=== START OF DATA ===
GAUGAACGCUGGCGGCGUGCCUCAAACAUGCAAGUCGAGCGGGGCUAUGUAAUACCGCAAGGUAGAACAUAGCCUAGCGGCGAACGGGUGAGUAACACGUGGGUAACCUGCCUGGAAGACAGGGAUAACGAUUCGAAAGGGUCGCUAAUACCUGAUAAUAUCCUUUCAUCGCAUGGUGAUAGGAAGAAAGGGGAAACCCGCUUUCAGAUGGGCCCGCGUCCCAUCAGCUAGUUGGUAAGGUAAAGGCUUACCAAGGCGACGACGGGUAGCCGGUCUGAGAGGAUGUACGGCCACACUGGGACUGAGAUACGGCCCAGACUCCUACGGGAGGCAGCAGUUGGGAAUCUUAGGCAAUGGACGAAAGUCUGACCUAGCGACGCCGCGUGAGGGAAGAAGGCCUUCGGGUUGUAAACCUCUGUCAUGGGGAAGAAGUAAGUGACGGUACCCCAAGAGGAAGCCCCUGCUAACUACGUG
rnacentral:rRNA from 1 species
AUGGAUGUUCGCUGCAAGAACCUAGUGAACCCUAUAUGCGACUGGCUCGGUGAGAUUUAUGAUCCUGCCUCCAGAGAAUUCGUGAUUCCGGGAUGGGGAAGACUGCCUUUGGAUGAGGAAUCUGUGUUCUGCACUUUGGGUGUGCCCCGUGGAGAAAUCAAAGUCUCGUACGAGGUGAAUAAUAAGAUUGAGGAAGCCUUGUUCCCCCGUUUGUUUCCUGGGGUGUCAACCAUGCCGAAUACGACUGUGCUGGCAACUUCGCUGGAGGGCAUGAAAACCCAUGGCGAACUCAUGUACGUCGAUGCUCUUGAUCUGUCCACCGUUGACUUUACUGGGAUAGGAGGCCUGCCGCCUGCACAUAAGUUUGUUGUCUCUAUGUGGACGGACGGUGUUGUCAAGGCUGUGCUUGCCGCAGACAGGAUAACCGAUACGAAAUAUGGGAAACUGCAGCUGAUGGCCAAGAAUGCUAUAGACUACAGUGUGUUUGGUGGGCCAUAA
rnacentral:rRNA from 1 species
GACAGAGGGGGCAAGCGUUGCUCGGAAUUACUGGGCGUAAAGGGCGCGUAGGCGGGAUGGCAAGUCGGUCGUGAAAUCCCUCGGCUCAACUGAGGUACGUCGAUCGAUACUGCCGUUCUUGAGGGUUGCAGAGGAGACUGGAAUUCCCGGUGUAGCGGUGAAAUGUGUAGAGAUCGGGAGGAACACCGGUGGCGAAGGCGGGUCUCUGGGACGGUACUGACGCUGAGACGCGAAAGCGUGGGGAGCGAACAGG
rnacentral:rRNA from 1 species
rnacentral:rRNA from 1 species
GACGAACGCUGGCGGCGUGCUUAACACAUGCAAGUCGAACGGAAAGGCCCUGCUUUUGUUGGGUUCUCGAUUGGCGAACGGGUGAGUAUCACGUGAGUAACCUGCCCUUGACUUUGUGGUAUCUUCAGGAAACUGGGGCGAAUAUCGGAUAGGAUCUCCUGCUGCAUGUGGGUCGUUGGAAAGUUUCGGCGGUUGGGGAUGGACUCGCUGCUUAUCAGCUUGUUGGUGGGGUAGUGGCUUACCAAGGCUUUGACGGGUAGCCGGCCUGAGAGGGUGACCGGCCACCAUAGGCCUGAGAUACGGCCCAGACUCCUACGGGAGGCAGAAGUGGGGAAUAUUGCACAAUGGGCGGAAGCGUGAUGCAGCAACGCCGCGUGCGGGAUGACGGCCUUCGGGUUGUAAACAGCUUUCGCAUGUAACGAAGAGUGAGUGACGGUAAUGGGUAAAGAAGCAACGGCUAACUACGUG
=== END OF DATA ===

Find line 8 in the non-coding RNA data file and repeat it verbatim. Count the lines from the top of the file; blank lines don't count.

GACGAACGCUGGCGGCGUGCUUAACACAUGCAAGUCGAACGGAAAGGCCCUGCUUUUGUUGGGUUCUCGAUUGGCGAACGGGUGAGUAUCACGUGAGUAACCUGCCCUUGACUUUGUGGUAUCUUCAGGAAACUGGGGCGAAUAUCGGAUAGGAUCUCCUGCUGCAUGUGGGUCGUUGGAAAGUUUCGGCGGUUGGGGAUGGACUCGCUGCUUAUCAGCUUGUUGGUGGGGUAGUGGCUUACCAAGGCUUUGACGGGUAGCCGGCCUGAGAGGGUGACCGGCCACCAUAGGCCUGAGAUACGGCCCAGACUCCUACGGGAGGCAGAAGUGGGGAAUAUUGCACAAUGGGCGGAAGCGUGAUGCAGCAACGCCGCGUGCGGGAUGACGGCCUUCGGGUUGUAAACAGCUUUCGCAUGUAACGAAGAGUGAGUGACGGUAAUGGGUAAAGAAGCAACGGCUAACUACGUG